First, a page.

J. L. BELL is a Massachusetts writer who specializes in (among other things) the start of the American Revolution in and around Boston. He is particularly interested in the experiences of children in 1765-75. He has published scholarly papers and popular articles for both children and adults. He was consultant for an episode of History Detectives, and contributed to a display at Minute Man National Historic Park.

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Friday, March 23, 2018

Jacob Francis’s Story

In January I wrote three postings about Pvt. Jacob Francis and an anecdote he told about Gen. Israel Putnam when he applied for a U.S. pension.

Those postings have now prompted two more substantial and quite different articles at the Journal of the American Revolution website.

First and more important, Larry Kidder wrote up the information he had collected about Pvt. Francis into the fullest biography of the man yet published. Here’s a taste of his portrayal of the young man’s decision to join the Continental Army outside Boston in the fall of 1775:
Not knowing his family surname, Jacob used the name of his third “time” owner, Minne Gulick or Hulick, an Amwell farmer of Dutch ancestry. However he felt about the ideals of liberty and independence driving the Revolution, as a free black who had experienced indentured servitude most of his life, he probably enlisted at least partly because he was a young man accustomed to authority, who needed a job, and who may also have been seeking adventure. When approaching the recruiting officer, though, he found that free blacks were not encouraged to enlist and often not accepted.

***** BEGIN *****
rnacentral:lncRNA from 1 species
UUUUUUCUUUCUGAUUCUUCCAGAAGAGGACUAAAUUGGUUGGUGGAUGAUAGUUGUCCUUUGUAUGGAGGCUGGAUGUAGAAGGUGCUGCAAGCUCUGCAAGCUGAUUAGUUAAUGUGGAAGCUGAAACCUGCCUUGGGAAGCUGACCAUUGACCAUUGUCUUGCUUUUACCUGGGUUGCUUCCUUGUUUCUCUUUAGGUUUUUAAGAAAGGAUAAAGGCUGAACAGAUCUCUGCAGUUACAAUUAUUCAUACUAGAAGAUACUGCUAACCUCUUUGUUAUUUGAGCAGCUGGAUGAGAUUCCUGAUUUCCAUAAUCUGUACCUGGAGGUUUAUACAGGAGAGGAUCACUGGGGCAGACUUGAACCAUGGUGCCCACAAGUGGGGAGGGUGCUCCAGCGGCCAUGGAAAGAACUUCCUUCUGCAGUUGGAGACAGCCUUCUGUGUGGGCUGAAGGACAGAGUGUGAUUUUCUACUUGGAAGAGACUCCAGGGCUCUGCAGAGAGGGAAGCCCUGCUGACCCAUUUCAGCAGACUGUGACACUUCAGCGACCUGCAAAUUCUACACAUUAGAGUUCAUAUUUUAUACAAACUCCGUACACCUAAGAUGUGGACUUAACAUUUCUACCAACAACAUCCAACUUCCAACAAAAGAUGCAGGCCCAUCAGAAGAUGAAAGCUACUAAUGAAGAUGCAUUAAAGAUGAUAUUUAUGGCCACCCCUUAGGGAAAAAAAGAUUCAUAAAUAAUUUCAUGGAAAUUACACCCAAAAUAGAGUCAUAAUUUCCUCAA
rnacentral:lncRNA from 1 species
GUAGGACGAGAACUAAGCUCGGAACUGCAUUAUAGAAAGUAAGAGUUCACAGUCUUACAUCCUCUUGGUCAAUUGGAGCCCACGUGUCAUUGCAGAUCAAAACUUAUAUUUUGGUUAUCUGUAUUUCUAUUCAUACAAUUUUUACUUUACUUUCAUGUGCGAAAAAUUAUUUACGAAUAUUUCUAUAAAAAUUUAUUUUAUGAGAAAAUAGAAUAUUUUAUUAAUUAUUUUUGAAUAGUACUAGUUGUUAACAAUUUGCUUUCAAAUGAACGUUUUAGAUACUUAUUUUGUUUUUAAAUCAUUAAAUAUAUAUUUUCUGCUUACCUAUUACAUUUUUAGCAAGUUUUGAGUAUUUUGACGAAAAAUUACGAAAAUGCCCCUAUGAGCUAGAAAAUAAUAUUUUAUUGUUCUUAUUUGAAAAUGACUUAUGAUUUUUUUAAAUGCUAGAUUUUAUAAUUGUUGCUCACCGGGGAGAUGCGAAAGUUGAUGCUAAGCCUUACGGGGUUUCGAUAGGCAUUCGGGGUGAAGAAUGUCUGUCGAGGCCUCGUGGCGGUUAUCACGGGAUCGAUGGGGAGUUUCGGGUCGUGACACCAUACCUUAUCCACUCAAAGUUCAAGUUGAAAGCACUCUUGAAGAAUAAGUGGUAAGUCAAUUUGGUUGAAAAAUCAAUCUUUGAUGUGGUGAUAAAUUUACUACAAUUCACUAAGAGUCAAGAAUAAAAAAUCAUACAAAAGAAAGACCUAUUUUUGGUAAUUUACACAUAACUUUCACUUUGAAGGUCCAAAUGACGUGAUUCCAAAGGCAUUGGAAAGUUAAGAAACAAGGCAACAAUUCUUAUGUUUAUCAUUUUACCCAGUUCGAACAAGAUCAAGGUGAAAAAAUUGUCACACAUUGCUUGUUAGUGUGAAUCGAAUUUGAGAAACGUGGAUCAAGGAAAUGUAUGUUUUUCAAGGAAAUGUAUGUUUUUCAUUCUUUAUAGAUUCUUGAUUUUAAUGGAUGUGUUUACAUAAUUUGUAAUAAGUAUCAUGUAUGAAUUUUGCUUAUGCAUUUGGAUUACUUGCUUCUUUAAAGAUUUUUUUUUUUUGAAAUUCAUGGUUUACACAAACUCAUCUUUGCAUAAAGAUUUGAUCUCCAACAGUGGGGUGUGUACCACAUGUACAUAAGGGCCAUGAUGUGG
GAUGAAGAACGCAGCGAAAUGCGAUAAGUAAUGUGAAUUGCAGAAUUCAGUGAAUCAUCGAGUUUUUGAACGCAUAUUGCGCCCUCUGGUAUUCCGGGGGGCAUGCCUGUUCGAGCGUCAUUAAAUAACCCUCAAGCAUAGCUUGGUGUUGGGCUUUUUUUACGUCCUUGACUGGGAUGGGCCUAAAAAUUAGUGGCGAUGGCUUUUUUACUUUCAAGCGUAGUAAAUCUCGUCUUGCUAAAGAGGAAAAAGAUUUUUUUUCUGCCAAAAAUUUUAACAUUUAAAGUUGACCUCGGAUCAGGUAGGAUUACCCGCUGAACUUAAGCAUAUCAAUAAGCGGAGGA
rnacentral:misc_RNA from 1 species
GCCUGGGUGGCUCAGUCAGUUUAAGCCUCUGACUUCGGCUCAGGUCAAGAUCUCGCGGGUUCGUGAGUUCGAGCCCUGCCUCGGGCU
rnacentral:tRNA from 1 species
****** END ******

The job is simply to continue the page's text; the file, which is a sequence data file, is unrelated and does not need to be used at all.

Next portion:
From the time Washington took command at Cambridge, he wanted to exclude black men from the army. Washington interpreted the fact that there already were “boys, deserters, & negroes” in the Massachusetts regiments as proof that not enough qualified white men were enlisting. At the very time Jacob enlisted in October, Washington was discussing with his officers and Congress whether or not blacks should be enlisted and, while not unanimous, most leaders wanted to eliminate black enlistment entirely. By October 31, just days after Jacob’s enlistment, Washington’s general orders stated that blacks should not be enlisted and this order was reinforced in November.
That article fills out Pvt. Francis’s military experiences, particularly in his home state of New Jersey, and his life in the early republic. It’s a fine resource for people writing about African-American soldiers in the Revolution.

In addition, I assembled my postings about Jacob Francis’s anecdote into an article. While writing that, I found a third version of Francis’s story that a veteran of the siege of Boston named Simeon Locke reportedly told as an old man in Maine:
“‘I was a soldier in the army of the Revolution, and was detailed, with others, to build the breastworks on Dorchester Heights. A day or two after the works were begun, General Washington rode into the enclosure. I was a sentinel. Near me was a wheelbarrow and shovel; not far off was an idle soldier.

“‘“Why do you not work with the others?” asked Washington, addressing the soldier.

“‘“I am a corporal, sir,” he replied.

“‘The general immediately dismounted, and marched to the barrow, shovelled it full of sand, wheeled it to the breastworks, dumped his load, and returned the empty barrow to its place. Without uttering a word, he mounted his horse and rode away.’”
I still hope someone will find the first published version of that story from 1839, the source of the earliest examples I’ve unearthed. That could reveal more about how it got passed along, and how funny tales old soldiers told each other became moral lessons for the new republic.

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